Invoice factoring is one way to free up more funds and boost a business' cash flow, yet a government survey shows that just 4% of SMEs used invoice factoring in 2019. As a small business owner, it's up to you to decide whether invoice factoring can help relieve the pressures on your cash flow.
Here, we explore the what invoice factoring is, what business types can benefit from it, as well as the pros and cons of this type of external financing.
What is invoice factoring?
An invoice factor advances an agreed percentage of the money (typically 70-90%) against your total outstanding invoices for a charge. They take over your account receivables and the credit control process and chase customers. In most cases, customers will know you're using a factor.
Similarly, an invoice discounter will also advance a percentage to you, but you manage and collect the payments. Customers won't be aware the factor is involved.
Chinese pancake manufacturer Ming Foods has used both products since 2006 and has offered an example of how invoice factoring can help you with managing cash flow:
“Let’s say, for example, you want to take advantage of buying some stock before a price rise. You talk to your finance company and ask to advance more from invoices that have been sold to them; say from 75% to 85%," says CEO Sam Duong. "This releases instant cash flow for you to purchase at a discount or before the price rise. The finance company charges a small fee for the privilege and everybody wins in their own way.”
When to use invoice factoring
"Factoring can be very helpful to small businesses in particular, since factors have efficient collection procedures," says Michael Bickers, editor of the World Factoring Yearbook. "Also, finance is provided in line with sales so as a business grows, so does its funding."
Invoice factoring can potentially unlock the value tied up in accounts receivables and release the working capital small businesses need.
Invoice factoring could suit your business if...
- you invoice between 30-90 days.
- don't want a long-term debt.
- have high-value invoices that could impact cash flow if they're not paid on time.
- need money fast and can afford the factoring fees.
The advantages of invoice factoring
Invoice factoring is a quick cash flow boost
Cash can be in your account in 24 hours – increasing your cash flow almost immediately because you are not waiting for a customer to pay.
“There’s always a high cost at the start of a business for all the equipment you need, and then you need to replace kit or buy new kit, so the cycle starts again," says Duong. "Invoice finance gave us access to the value of our invoices, helping us release working capital and grow our business through our sales.”
Invoice factoring frees up valuable time
Invoice factoring can free you from collecting debt, since you've outsourced the task to a financial company. This gives you back more time to focus on other aspect of the business instead, such as fulfilling orders, buying materials or expanding your business.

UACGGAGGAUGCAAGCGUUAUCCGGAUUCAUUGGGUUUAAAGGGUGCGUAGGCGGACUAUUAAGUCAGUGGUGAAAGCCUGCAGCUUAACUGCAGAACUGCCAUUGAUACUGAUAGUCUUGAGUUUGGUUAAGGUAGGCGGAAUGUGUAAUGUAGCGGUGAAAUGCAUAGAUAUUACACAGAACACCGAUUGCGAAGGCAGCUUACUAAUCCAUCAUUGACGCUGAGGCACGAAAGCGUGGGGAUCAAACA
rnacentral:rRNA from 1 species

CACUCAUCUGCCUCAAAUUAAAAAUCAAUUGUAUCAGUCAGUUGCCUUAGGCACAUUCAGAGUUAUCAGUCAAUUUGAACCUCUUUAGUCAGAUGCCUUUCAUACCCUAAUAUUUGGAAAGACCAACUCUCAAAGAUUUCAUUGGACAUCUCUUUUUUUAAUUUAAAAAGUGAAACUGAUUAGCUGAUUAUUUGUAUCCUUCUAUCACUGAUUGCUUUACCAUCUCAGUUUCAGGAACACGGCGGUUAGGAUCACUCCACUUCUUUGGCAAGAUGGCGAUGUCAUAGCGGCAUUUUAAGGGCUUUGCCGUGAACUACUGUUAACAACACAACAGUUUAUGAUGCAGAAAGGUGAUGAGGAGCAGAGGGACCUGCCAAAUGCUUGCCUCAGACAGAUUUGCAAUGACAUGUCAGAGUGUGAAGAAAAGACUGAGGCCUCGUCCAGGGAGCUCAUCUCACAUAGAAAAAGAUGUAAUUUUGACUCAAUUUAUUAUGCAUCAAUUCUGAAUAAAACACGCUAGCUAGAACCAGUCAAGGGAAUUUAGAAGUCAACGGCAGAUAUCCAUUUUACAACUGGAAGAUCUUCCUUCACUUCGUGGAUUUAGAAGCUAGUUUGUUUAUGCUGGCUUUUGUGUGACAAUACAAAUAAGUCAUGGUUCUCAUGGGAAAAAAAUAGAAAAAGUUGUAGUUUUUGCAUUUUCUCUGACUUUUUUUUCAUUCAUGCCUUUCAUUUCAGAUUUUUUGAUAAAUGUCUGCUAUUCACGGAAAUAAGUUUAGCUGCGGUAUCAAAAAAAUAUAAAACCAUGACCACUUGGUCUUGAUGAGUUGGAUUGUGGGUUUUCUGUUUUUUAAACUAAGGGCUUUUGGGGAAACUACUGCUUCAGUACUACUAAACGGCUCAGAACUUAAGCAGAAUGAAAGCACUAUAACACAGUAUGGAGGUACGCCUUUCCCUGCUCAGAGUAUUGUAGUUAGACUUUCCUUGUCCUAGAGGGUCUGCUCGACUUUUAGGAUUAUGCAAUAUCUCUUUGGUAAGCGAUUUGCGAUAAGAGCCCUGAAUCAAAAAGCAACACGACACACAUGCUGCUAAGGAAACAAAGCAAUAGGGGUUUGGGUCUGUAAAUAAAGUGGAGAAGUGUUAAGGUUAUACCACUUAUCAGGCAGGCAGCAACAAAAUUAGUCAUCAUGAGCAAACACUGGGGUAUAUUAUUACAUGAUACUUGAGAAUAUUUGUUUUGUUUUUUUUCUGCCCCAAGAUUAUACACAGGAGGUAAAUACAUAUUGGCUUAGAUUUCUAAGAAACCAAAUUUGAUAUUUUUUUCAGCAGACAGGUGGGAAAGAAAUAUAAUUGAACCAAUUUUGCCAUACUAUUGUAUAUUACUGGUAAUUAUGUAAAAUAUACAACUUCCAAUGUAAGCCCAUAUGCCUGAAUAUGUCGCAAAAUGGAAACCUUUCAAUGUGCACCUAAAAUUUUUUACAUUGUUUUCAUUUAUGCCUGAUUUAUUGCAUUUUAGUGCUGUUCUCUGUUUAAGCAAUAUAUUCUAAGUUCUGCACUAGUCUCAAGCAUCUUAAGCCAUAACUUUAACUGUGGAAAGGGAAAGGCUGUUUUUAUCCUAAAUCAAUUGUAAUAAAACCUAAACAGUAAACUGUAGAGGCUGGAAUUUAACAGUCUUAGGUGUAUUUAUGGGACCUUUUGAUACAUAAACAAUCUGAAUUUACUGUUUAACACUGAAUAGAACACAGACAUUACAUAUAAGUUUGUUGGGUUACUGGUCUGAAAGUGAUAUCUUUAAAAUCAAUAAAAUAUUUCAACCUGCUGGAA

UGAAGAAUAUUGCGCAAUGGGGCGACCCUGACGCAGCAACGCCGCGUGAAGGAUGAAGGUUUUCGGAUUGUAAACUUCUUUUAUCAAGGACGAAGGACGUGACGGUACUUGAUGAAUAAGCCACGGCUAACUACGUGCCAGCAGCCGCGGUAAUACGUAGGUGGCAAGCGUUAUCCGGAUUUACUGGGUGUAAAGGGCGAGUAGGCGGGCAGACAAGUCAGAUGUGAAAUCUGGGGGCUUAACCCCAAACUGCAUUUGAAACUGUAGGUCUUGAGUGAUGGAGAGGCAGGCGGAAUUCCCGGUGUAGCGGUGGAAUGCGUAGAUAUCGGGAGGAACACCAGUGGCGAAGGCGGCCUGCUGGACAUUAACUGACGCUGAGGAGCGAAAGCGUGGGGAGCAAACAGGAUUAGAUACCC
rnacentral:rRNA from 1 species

There's no collateral
Your invoices act as the collateral in invoice factoring, so there's no need to put up any of your real estate or equipment as collateral for the payment.
Disadvantages of invoice factoring
Not all companies can use invoice factoring
“Factoring is only suitable for businesses that sell to other businesses on credit, so businesses that sell to consumers, such as small shops, are not eligible," says Bickers. "Eligibility depends on volume as well. Generally, you need a turnover of £50,000 a year upwards.”
Providers take a percentage
Duong recommends small business owners to double check that they have the margins to support it before committing to the service. "If you are a low margin/high volume business, the extra 1-2% cost of invoice finance on your bottom line can make the difference between being profitable and not,” he says.
Factoring may not leave a good impression
Once you sell your invoices to a factoring company, legally, that asset belongs to them and they’re at liberty to chase your clients. If a client doesn't like the way the factor deals with them, you could risk losing their goodwill.
Getting out of it isn't always easy
If you want to terminate the agreement, and haven't reached the minimum annual fee, you’ll have to pay the difference. "Make sure you understand the power in these contracts and what the factor is allowed to do,” suggests Duong.
Invoice factoring or invoice discounting is just one of a few ways to help you manage cash flow. You can also improve your working capital by using an American Express® Business Card to pay for large items and keep your money in your account for longer, with up to 54 day payment terms¹ before the bill is due on purchases.
And that's not all. Your spending on the Card will earn you Membership Rewards® Points² that you can invest in equipment to help you grow your business.
- The maximum payment period on purchases is 54 calendar days on Gold & Platinum Business Charge Cards and 42 calendar days on the Basic Business Charge Card; it is obtained only if you spend on the first day of the new statement period and repay the balance in full on the due date.
- Membership Rewards points are earned on every full £1 spent and charged, per transaction. Terms and conditions apply.